Determining Parentage in Kansas

A Guide by Ronald W. Nelson

I.            How is the parent child relationship established in Kansas?

K.S.A. 23-2207 (2011) provides that the parent-child relationship is established for a mother “by proof of her having given birth to the child[, in other ways provided in the Kansas Parentage] act”[1] or by adoption.[2]

K.S.A.23-2207 (2011) provides that the parent–child relationship is established for a father by a final judgment of paternity under the Kansas Parentage Act, by adoption, or voluntary acknowledgement of paternity meeting the requirements of K.S.A. 23-2204 (2011) (unless the voluntary acknowledgment is revoked under K.S.A. 23-2209 (2011)).

Usually parents of a child born outside marriage agree who are the parents and they both desire to establish parenting and support rights.  But there are also many reasons why parents don’t agree upon who are the parents and why the parent-child relationship is sought established – and that is where the complexity arises in domestic relations cases. And as in all other human endeavors, the complexity that occurs constantly rises to new heights.

The Kansas statutes to determine parentage don’t only apply to “paternity.” The Kansas Parentage Act specifically states that it is used to determine either paternity (fatherhood) or maternity (motherhood). The statute does not require that a court determine that a child has one father and one mother. The Kansas appellate courts, in series of cases decided in 2013, found that the Kansas Parentage Act applies to establish parenting rights for same-or-opposite sex couples when an alleged parent – whether actually the child’s “biological parent” or not, “notoriously or in writing recognizes” that person’s parentage of the child.[2a]

Rights of Child Custody.

Every “parent” has a right to “custody” of his or her own child under Kansas law. Kansas statutes provide:

K.S.A. 38-141 (2000):

(a) As used in this section:

(1) “Child” means a person under 18 years of age; and

(2) “parent” means and includes a natural parent, an adoptive parent, a stepparent or a guardian or conservator of a child who is liable by law to maintain, care for or support the child.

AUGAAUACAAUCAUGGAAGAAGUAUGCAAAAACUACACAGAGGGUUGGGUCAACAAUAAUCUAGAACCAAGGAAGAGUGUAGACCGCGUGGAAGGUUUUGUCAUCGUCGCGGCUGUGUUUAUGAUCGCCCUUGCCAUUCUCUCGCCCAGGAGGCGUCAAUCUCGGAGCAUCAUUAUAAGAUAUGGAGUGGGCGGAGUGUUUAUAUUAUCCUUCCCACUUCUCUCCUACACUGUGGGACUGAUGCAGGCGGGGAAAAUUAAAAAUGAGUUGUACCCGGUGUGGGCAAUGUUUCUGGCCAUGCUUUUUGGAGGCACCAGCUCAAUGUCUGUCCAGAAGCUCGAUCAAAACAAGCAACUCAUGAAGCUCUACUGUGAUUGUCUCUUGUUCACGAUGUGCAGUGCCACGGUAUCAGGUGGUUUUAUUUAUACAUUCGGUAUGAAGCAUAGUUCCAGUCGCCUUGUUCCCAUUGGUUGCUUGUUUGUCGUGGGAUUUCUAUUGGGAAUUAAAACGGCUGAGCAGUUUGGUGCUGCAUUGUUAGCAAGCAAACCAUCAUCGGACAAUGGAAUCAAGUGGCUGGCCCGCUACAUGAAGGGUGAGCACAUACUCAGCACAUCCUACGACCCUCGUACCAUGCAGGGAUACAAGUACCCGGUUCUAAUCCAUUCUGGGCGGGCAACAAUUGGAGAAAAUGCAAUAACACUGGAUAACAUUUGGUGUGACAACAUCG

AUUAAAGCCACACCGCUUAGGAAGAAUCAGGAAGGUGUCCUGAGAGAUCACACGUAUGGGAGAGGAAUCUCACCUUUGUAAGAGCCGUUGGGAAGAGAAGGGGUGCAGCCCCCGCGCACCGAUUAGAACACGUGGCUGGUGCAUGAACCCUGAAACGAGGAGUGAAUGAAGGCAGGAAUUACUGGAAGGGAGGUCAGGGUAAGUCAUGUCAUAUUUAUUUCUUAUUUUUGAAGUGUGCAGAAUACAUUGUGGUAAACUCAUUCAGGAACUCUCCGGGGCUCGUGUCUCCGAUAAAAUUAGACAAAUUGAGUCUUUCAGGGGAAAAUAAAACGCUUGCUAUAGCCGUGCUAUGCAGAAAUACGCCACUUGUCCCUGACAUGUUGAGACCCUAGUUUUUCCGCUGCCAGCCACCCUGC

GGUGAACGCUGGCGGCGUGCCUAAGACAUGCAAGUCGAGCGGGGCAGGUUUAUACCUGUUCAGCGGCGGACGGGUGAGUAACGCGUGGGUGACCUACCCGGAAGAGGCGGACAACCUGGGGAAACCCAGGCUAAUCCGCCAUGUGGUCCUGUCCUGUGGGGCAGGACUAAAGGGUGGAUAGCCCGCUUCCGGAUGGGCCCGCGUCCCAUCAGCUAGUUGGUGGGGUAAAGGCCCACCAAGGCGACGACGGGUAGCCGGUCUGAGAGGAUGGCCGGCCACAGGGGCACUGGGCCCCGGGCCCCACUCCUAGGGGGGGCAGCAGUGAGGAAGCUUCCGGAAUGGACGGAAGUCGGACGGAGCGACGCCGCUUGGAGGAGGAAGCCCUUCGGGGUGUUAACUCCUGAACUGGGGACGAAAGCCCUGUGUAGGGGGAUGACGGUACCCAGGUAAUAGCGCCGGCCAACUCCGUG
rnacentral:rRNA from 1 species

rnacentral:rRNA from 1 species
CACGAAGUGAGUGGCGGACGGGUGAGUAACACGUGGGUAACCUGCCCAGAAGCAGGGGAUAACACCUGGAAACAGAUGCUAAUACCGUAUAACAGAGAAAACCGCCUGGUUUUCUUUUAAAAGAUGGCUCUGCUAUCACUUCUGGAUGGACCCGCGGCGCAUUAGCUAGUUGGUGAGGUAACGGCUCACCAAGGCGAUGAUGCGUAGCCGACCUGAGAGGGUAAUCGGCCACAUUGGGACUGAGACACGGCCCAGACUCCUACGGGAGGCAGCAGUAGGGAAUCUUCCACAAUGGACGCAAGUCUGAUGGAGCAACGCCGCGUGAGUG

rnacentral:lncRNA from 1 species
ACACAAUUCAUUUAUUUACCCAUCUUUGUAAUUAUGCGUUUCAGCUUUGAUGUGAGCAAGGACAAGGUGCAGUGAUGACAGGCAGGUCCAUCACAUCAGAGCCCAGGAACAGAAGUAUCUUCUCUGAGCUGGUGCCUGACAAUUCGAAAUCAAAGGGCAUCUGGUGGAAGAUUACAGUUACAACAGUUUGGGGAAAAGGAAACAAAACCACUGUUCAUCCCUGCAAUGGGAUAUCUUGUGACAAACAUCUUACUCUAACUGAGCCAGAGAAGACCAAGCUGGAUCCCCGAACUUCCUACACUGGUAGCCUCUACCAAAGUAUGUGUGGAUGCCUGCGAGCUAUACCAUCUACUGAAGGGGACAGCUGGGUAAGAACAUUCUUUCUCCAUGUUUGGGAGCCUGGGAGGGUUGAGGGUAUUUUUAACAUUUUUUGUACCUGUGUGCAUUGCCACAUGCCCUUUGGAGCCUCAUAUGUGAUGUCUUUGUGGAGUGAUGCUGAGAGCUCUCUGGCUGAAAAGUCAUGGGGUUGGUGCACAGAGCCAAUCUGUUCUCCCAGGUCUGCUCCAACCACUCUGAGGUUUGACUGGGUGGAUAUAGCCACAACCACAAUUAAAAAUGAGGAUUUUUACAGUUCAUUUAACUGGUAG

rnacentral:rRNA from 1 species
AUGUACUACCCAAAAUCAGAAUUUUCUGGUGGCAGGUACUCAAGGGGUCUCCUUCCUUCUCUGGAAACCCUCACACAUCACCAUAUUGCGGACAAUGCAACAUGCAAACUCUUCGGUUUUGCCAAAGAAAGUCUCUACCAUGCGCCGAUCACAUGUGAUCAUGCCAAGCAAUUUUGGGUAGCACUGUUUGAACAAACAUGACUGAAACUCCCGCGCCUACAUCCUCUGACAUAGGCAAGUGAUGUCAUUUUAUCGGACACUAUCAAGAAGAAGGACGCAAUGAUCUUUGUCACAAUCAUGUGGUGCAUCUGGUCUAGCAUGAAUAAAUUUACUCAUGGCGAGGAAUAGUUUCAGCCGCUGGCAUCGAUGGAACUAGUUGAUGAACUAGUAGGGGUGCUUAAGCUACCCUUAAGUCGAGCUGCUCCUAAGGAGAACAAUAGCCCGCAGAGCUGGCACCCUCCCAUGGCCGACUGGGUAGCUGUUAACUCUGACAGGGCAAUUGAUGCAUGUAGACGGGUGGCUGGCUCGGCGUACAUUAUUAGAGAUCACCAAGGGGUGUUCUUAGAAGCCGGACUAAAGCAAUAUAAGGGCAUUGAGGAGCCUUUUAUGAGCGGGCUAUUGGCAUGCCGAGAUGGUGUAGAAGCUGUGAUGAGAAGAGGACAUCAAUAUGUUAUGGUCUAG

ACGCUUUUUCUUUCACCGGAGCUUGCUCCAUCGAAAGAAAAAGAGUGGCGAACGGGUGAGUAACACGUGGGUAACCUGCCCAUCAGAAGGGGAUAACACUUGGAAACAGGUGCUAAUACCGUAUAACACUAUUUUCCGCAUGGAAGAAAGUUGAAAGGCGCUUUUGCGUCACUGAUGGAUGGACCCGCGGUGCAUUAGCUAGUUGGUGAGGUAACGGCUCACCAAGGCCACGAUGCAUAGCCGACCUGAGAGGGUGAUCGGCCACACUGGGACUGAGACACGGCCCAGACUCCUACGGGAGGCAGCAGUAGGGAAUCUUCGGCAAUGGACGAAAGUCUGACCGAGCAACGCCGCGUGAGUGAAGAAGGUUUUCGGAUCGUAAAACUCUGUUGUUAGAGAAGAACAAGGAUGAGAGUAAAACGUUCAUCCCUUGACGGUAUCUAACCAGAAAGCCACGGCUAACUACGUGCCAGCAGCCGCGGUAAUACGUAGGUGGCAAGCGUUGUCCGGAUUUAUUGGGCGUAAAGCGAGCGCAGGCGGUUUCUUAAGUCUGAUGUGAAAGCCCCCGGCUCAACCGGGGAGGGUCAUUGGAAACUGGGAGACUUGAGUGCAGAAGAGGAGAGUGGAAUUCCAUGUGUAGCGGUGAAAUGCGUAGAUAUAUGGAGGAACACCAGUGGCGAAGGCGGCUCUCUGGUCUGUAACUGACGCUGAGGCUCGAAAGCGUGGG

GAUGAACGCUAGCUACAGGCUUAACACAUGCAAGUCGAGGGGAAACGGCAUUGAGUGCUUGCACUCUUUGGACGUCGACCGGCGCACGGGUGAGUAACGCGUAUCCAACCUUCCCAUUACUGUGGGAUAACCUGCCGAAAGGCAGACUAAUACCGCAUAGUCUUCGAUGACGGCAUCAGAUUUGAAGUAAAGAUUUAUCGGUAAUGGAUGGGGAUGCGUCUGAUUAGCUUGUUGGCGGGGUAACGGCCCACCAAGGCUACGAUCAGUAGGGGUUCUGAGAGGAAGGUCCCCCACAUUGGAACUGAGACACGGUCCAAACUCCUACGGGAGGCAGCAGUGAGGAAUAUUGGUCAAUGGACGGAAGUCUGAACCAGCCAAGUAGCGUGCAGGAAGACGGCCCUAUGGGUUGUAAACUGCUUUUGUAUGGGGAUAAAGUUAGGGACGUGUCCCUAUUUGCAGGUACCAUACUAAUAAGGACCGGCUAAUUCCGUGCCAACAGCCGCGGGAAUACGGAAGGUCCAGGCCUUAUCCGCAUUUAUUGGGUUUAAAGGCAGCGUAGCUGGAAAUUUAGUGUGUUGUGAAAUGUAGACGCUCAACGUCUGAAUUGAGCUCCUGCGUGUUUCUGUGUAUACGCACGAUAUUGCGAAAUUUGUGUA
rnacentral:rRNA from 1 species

(b) It shall be the public policy of this state that parents shall retain the fundamental right to exercise primary control over the care and upbringing of their children in their charge. It is further the public policy of this state that children shall have the right to protection from abuse and neglect.

(c) Nothing in subsection (b) shall be interpreted to expand, diminish or in any way alter the scope of rights of parents or children to the extent such rights exist as of the effective date of this act. [July 1, 1996]

(d) Any parent may maintain a cause of action in state court or in any court of competent jurisdiction for claims arising under the principles established in subsection (b). Any person authorized by law to act on behalf of a child may maintain a cause of action in the name of such child in any court of competent jurisdiction for claims arising under the principles established in subsection (b).

History: L. 1996, ch. 229, sec. 159; July 1.


II.            Child Support Liability

One of many reasons why parentage is sought is for the purpose of establishing an enforceable child support obligation.

Although every parent has an obligation to support his or her children, that obligation is undefined until a court or agency determines the extent of the obligation. In Kansas, child support obligations are established by court order (although a promise of support is enforceable by court order according to its terms but subject to limitations in K.S.A. 23-2209 (2011)(d)[3]).

K.S.A. 23-2215(c) (2011) provides that whenever a court determines that a person is the parent of a child, that court must make provision for the child’s support and education, including the necessary medical expenses incident to the child’s birth. Because of this interplay between state and federal laws, a kind of “absolutely parentage liability” arises.

Follow the Sperm